What is this page about?
Scott Weingart, MD and Richard Levitan, MD published an article in the Annals of Emergency Medicine entitled Preoxygenation and Prevention of Desaturation during Emergency Airway Management.
This page serves as a repository for supplementary material on the subjects raised in the article.
The article is available for free on the Annals EM Site (pdf)
Updated Recs for Preox of All Patients
Rule of 15's
- All patients get NC @15lpm and NRB at >=15lpm (Flush rate/the higher the better)
- If you cannot achieve Sat of 100, replace NRB with CPAP at up to 15 cmH20
listen to this Wee for more
Flush rate NRB is as good as BVM1
CPAP for Preoxygenation
In a patient with shunt, CPAP is needed for preoxygenation. In my ED, we make this happen with the ventilators installed next to every resuscitation bed.
However, not every ED has ventilators readily available and it might take >15 minutes to have respiratory bring a NIV machine or a vent. In that case, you want to use a BVM with a PEEP valve.
However, this device provides CPAP only when the patient is expiring. In a patient who is not breathing rapidly, most of the cycle will be spent at zero PEEP. Once the patient is apneic, the device won't supply PEEP unless you manually give ventilations–even then the PEEP will only be there immediately following the ventilation. However, if you add a constant source of flow, like a nasal cannula set to 15 lpm then the BVM/PEEP Valve combo will give continuous PEEP regardless of the patients resp rate or even when they become apneic. In the following video, a PEEP valve set to 10 cm H20 provides between 6-8 cm H2) of PEEP throughout the cycle. This same nasal cannula should be on the patient anyway for apenic oxygenation and NO DESAT (Nasal Oxygen During Efforts Securing A Tube) during the intubation procedure.
New CPAP for Preox Articles
(Indian J Anaesth 2015;59(4):216)
Other Articles of Interest on Preoxygenation/Reoxygenation/Preventing Deoxygenation
Weingart SD. Preoxygenation, Reoxygenation, and Delayed Sequence Intubation in the Emergency Department. J Emerg Med. 2010 Apr 7. [Epub ahead of print]
Dr. Levitan's site for airway videos and courses
The airwaycam site is an amazing source for educational materials and equipment to help you manage ED airways.
If you liked the article and/or this page, you'll probably like the EMCrit Blog and Podcast…
why not check it out at emcrit.org?
Want Additional Information?
Email us on the contact page.
Additional Articles for Version 2.0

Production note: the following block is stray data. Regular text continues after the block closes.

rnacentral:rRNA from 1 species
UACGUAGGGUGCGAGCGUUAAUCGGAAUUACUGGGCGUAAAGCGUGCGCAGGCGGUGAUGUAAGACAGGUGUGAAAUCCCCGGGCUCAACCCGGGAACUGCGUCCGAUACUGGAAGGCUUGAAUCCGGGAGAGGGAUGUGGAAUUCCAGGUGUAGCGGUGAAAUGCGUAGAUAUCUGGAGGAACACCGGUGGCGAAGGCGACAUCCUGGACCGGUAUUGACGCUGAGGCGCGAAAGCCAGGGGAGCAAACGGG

More evidence that if the patient starts low, their risk of desat is much greater (Acta Anaesthesiologica Scandinavica Volume 57, Issue 2, pages 199–205, February 2013)
Nicholas Chimes revalidates many of these concepts on his FiO2 Testing Page
Here is the evidentiary table published in the Original Article
Great New Review Article (Critical Care and Resus 2014;16(3):233)
ApOx for PanEndoscopy (10.1177/0194599813486248 Otolaryngol Head Neck Surg April 12, 2013 0194599813486248)
Apneic Oxygenation via Nasal Prongs at 10 L/min Prevents Hypoxemia During Elective Tracheal Intubation
Chest. 2013 Oct 1;144(4_MeetingAbstracts):890A. Christodoulou C, Mullen T, Tran T, Rohald P, Hiebert B, Sharma S.
PURPOSE: Hypoxemia during airway management remains an important cause of morbidity and mortality. Oxygenation during intubation via nasal prongs may prevent critical desaturations (Anesthesiology 1988, J Korean Med Sci 1998). We evaluated the effectiveness of oxygen administration via nasal prongs during apneic period following induction of general anesthesia.
METHODS: We conducted a randomized, controlled, double-blind study in patients without significant cardiac or respiratory disease undergoing elective surgery (age 18-65, ASA I-III). Patients randomly received oxygen via nasal prongs at 0, 5, or 10 L/min. Following preoxygenation, general anesthesia was induced. At 90 seconds after induction, nasal prongs were applied and oxygen was delivered according to the experimental group. At 4.5 minutes post-induction the patients were intubated.
RESULTS: The final study population consisted of 41 individuals, with 14 in the 0 L group, 13 in the 5 L group, and 14 in the 10 L group. The mean values are 134 ± 75, 168 ± 138 and 253 ± 146 mmHg respectively. A statistically significant difference was demonstrated between the three treatment protocols (p=0.030), across time (p=0.028), and in the treatment effect across time (p=0.017). Mean PaO2 was higher in the 10 L group (p=0.001) than the 5 L group and 0 L group at 4.5 minutes (p=0.004). CONCLUSIONS: Apneic oxygenation with 10 L/min compared to 5 Lmin via nasal prongs demonstrated delay of desaturation and maintenance of higher PaO2 levels during elective intubation.
CLINICAL IMPLICATIONS: Nasal prongs are available in all of the patient care areas; therefore this simple, benign, inexpensive technique may be useful as a routine addition to airway management.
Must be high-flow to overcome mask leak
Addition of Nasal Cannula Can Either Impair or Enhance Preoxygenation With a Bag Valve Mask: A Randomized Crossover Design Study Comparing Oxygen Flow Rates. Anesth Analg. 2018 Apr;126(4):1214-1218. doi: 10.1213/ANE.0000000000002341.
ApOx and Shunt Physiology
This article lends credence to the point that patients with shunt physiology either preexisting for during apnea will not benefit to same extent (Anesthesiology 1973;39(6):588)